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Institute on Disabilities at Temple University
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about the visionary voices project

Pennsylvania has played an important and historically significant role in the creation of public policy (both through legislation and litigation) that has changed the way people with intellectual disabilities live in our community. From the right to education, to the closing of institutions and the movement toward self-determination, Pennsylvanians with disabilities, family members, and advocates have paved the way for national policies that have led to widespread reform.

There is much to be learned from a generation of advocates and self-advocates who risked much to ensure the safety and freedom of people with disabilities. If their memories and stories are not preserved, they will disappear forever. To that end, the Visionary Voices | Leaders Lessons Legacy project of the Institute on Disabilities at Temple University strives to collect the stories of those who played a part, or were first hand witness, to the events that changed the lives of people with intellectual disabilities in Pennsylvania. These first-person accounts of our history are a vital resource for students, teachers, scholars, people with disabilities, families, policymakers and members of the media. The project is in two parts: video interviews and collected papers of attorney and advocate Dennis Haggerty.

Interviews with People with Intellectual Disabilities, Family Members and Advocates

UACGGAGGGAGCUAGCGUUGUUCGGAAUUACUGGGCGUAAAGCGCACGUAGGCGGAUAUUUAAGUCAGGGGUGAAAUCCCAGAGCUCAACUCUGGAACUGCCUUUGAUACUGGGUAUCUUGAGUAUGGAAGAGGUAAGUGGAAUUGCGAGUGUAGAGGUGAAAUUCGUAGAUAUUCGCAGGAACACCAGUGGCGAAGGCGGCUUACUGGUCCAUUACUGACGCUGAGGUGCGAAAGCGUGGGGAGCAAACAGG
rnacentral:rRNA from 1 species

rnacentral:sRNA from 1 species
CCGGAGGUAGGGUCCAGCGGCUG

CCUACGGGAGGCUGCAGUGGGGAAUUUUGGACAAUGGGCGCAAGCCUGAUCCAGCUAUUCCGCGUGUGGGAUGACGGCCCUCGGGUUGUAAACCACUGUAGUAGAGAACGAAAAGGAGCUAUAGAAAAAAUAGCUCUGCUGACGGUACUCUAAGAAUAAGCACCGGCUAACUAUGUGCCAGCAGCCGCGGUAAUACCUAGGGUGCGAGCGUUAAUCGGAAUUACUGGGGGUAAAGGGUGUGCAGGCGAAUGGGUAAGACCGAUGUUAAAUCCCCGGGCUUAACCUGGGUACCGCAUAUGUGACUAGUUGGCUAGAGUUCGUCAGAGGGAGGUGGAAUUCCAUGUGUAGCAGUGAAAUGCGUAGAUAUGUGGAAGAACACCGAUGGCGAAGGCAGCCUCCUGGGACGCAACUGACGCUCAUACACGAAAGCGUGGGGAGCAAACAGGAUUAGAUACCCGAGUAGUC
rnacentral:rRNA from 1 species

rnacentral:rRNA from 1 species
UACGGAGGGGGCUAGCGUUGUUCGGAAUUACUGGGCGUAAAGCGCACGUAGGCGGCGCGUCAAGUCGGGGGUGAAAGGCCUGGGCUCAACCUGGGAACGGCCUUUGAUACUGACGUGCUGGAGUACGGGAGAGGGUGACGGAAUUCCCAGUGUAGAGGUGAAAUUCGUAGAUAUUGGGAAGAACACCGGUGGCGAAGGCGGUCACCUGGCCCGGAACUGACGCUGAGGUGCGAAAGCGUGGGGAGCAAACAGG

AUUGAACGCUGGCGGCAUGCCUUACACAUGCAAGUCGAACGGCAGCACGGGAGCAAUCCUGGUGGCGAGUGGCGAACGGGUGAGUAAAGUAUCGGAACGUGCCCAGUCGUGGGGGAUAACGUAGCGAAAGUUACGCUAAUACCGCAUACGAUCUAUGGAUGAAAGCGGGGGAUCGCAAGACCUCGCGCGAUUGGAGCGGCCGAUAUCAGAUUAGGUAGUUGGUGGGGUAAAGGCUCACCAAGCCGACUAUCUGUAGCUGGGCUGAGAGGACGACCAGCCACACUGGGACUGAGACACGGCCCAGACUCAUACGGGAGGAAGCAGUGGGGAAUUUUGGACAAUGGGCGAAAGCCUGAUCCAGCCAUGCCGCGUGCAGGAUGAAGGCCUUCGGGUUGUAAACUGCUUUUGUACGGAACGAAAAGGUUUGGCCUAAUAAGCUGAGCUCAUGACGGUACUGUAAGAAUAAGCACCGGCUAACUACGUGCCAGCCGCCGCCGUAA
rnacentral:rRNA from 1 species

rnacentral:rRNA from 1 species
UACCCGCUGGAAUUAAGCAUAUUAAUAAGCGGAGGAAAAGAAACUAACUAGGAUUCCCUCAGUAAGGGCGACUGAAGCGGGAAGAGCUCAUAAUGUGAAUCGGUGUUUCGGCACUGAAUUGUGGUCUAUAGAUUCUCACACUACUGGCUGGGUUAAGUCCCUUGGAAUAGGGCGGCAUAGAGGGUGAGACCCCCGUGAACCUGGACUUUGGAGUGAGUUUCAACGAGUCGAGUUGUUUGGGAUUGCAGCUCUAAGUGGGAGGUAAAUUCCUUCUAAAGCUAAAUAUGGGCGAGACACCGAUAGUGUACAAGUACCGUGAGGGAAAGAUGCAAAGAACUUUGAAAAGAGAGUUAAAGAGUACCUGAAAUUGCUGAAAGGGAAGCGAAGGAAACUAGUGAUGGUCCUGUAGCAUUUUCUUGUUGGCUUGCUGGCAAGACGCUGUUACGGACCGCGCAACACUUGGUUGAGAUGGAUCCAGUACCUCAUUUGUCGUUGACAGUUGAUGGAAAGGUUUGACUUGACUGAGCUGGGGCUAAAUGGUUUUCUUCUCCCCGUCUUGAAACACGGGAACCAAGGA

In its initial phase, the Visionary Voices | Leaders Lessons Legacy website will feature approximately 30 videotaped interviews recorded over a 12-month period. These first interviews will focus on leaders in Pennsylvania's Intellectual Disability Movement; as this group ages, we run the risk of forever losing the stories that shaped the way supports and services are provided to people with disabilities in Pennsylvania and around the country.

Interviews will focus on four areas: the right to education, deinstitutionalization, self-determination, and community supports. As the project continues beyond the 12-month period, interviews will be added to each category. Visionary Voices has also been commissioned by the Philadelphia Office of DisAbility Services to collect a series of interviews with leaders in Philadelphia's Intellectual Disability Community.

Learn more about the interview process, or to see "behind the scenes" photos of the interviews in progress.

Archives

The Visionary Voices | Leaders Lessons Legacy will collect and make available the papers of individuals significant to the Intellectual Disability Movement in Pennsylvania.

The Haggerty Papers

PHOTO: Dennis Haggerty speaks at a podium, about his gift of his personal papersPHOTO: Mr. Haggerty addresses audience gathered to acknowledge his gift of his personal papers in 2008.

In 2008, Dennis Haggerty, a Philadelphia-based attorney, respected disability rights advocate, and parent of a child with an intellectual disability donated his personal papers to the Institute on Disabilities at Temple University. Mr. Haggerty's personal and professional correspondence, newspaper clippings, photos, and manuscripts document a change in the political and social trends that affected the quality of life for Pennsylvanians with disabilities (and for the disability community nationally). Dating back to 1970, The Haggerty Papers tell the story of a movement that freed people with disabilities from institutions, fought for equal access to education (first in special education classes, then in regular classrooms), and ultimately allowed people with disabilities to take their rightful place in the community.

The Visionary Voices project has collaborated with archivists, librarians, historians, and technicians to preserve the Haggerty Papers and to create its finding aid. The project's long-term goal is to digitize the Haggerty Papers, making selections accessible to users worldwide.

Sharing Our Collective History

A primary goal of the Visionary Voices | Leaders Lessons Legacy project will preserve the stories of Pennsylvanians with Intellectual Disabilities, allowing universal access to this important part of our collective history. Interviews and select documents from The Haggerty Papers will be available on DVD.


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